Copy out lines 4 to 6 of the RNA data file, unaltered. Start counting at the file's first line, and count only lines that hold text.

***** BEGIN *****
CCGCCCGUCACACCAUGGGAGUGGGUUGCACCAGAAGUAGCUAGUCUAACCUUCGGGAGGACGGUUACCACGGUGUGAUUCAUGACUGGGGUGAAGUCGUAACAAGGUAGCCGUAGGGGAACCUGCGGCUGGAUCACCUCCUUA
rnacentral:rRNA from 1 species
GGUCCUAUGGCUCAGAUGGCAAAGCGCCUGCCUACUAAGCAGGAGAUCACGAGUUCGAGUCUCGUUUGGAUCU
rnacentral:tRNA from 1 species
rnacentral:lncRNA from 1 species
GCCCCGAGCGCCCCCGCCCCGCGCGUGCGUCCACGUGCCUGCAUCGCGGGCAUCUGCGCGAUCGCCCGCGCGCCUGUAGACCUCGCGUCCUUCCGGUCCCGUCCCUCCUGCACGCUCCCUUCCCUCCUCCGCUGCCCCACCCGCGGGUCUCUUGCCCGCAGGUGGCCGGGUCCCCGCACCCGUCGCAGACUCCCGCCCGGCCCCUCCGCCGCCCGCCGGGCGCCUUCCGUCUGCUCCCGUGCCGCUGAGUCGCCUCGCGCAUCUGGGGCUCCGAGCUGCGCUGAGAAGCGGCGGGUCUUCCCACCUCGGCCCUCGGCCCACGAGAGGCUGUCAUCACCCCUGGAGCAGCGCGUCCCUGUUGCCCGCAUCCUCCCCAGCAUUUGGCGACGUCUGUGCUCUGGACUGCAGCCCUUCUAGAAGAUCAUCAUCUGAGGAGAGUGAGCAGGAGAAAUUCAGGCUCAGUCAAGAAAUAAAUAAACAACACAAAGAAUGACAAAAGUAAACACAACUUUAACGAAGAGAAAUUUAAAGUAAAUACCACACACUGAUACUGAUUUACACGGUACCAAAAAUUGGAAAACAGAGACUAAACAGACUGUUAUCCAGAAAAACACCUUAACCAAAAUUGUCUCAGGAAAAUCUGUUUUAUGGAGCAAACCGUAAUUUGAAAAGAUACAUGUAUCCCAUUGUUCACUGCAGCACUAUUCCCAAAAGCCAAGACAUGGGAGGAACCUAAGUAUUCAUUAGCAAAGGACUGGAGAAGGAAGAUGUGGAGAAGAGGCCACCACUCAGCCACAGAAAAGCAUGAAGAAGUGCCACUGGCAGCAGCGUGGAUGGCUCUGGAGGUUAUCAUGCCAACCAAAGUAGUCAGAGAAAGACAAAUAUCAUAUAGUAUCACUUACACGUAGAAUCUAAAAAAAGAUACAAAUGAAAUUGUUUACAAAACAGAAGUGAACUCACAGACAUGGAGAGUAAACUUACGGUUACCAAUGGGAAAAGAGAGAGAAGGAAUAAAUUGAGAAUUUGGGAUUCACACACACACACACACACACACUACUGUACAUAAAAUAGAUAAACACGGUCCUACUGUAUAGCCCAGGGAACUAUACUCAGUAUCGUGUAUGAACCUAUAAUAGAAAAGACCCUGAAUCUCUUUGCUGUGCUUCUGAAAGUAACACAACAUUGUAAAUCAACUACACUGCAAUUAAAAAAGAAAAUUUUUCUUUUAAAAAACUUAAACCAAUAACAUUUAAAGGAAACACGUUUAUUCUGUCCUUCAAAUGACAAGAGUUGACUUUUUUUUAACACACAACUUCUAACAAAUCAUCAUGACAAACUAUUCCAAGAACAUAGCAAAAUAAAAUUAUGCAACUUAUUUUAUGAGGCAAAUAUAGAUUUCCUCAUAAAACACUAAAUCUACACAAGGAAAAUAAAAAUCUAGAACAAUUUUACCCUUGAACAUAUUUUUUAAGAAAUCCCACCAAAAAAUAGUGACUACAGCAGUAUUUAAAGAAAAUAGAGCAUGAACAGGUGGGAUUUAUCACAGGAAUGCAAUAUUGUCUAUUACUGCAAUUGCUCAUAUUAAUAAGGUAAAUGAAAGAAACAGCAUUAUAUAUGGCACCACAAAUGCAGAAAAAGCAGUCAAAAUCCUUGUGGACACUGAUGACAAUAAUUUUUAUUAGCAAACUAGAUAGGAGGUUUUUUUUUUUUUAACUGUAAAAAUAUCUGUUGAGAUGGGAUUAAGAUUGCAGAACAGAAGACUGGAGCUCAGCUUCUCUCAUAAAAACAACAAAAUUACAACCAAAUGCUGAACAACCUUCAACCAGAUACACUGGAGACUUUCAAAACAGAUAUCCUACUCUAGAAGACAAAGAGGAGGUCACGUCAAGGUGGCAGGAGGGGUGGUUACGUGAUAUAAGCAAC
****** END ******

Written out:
rnacentral:tRNA from 1 species
rnacentral:lncRNA from 1 species
GCCCCGAGCGCCCCCGCCCCGCGCGUGCGUCCACGUGCCUGCAUCGCGGGCAUCUGCGCGAUCGCCCGCGCGCCUGUAGACCUCGCGUCCUUCCGGUCCCGUCCCUCCUGCACGCUCCCUUCCCUCCUCCGCUGCCCCACCCGCGGGUCUCUUGCCCGCAGGUGGCCGGGUCCCCGCACCCGUCGCAGACUCCCGCCCGGCCCCUCCGCCGCCCGCCGGGCGCCUUCCGUCUGCUCCCGUGCCGCUGAGUCGCCUCGCGCAUCUGGGGCUCCGAGCUGCGCUGAGAAGCGGCGGGUCUUCCCACCUCGGCCCUCGGCCCACGAGAGGCUGUCAUCACCCCUGGAGCAGCGCGUCCCUGUUGCCCGCAUCCUCCCCAGCAUUUGGCGACGUCUGUGCUCUGGACUGCAGCCCUUCUAGAAGAUCAUCAUCUGAGGAGAGUGAGCAGGAGAAAUUCAGGCUCAGUCAAGAAAUAAAUAAACAACACAAAGAAUGACAAAAGUAAACACAACUUUAACGAAGAGAAAUUUAAAGUAAAUACCACACACUGAUACUGAUUUACACGGUACCAAAAAUUGGAAAACAGAGACUAAACAGACUGUUAUCCAGAAAAACACCUUAACCAAAAUUGUCUCAGGAAAAUCUGUUUUAUGGAGCAAACCGUAAUUUGAAAAGAUACAUGUAUCCCAUUGUUCACUGCAGCACUAUUCCCAAAAGCCAAGACAUGGGAGGAACCUAAGUAUUCAUUAGCAAAGGACUGGAGAAGGAAGAUGUGGAGAAGAGGCCACCACUCAGCCACAGAAAAGCAUGAAGAAGUGCCACUGGCAGCAGCGUGGAUGGCUCUGGAGGUUAUCAUGCCAACCAAAGUAGUCAGAGAAAGACAAAUAUCAUAUAGUAUCACUUACACGUAGAAUCUAAAAAAAGAUACAAAUGAAAUUGUUUACAAAACAGAAGUGAACUCACAGACAUGGAGAGUAAACUUACGGUUACCAAUGGGAAAAGAGAGAGAAGGAAUAAAUUGAGAAUUUGGGAUUCACACACACACACACACACACACUACUGUACAUAAAAUAGAUAAACACGGUCCUACUGUAUAGCCCAGGGAACUAUACUCAGUAUCGUGUAUGAACCUAUAAUAGAAAAGACCCUGAAUCUCUUUGCUGUGCUUCUGAAAGUAACACAACAUUGUAAAUCAACUACACUGCAAUUAAAAAAGAAAAUUUUUCUUUUAAAAAACUUAAACCAAUAACAUUUAAAGGAAACACGUUUAUUCUGUCCUUCAAAUGACAAGAGUUGACUUUUUUUUAACACACAACUUCUAACAAAUCAUCAUGACAAACUAUUCCAAGAACAUAGCAAAAUAAAAUUAUGCAACUUAUUUUAUGAGGCAAAUAUAGAUUUCCUCAUAAAACACUAAAUCUACACAAGGAAAAUAAAAAUCUAGAACAAUUUUACCCUUGAACAUAUUUUUUAAGAAAUCCCACCAAAAAAUAGUGACUACAGCAGUAUUUAAAGAAAAUAGAGCAUGAACAGGUGGGAUUUAUCACAGGAAUGCAAUAUUGUCUAUUACUGCAAUUGCUCAUAUUAAUAAGGUAAAUGAAAGAAACAGCAUUAUAUAUGGCACCACAAAUGCAGAAAAAGCAGUCAAAAUCCUUGUGGACACUGAUGACAAUAAUUUUUAUUAGCAAACUAGAUAGGAGGUUUUUUUUUUUUUAACUGUAAAAAUAUCUGUUGAGAUGGGAUUAAGAUUGCAGAACAGAAGACUGGAGCUCAGCUUCUCUCAUAAAAACAACAAAAUUACAACCAAAUGCUGAACAACCUUCAACCAGAUACACUGGAGACUUUCAAAACAGAUAUCCUACUCUAGAAGACAAAGAGGAGGUCACGUCAAGGUGGCAGGAGGGGUGGUUACGUGAUAUAAGCAAC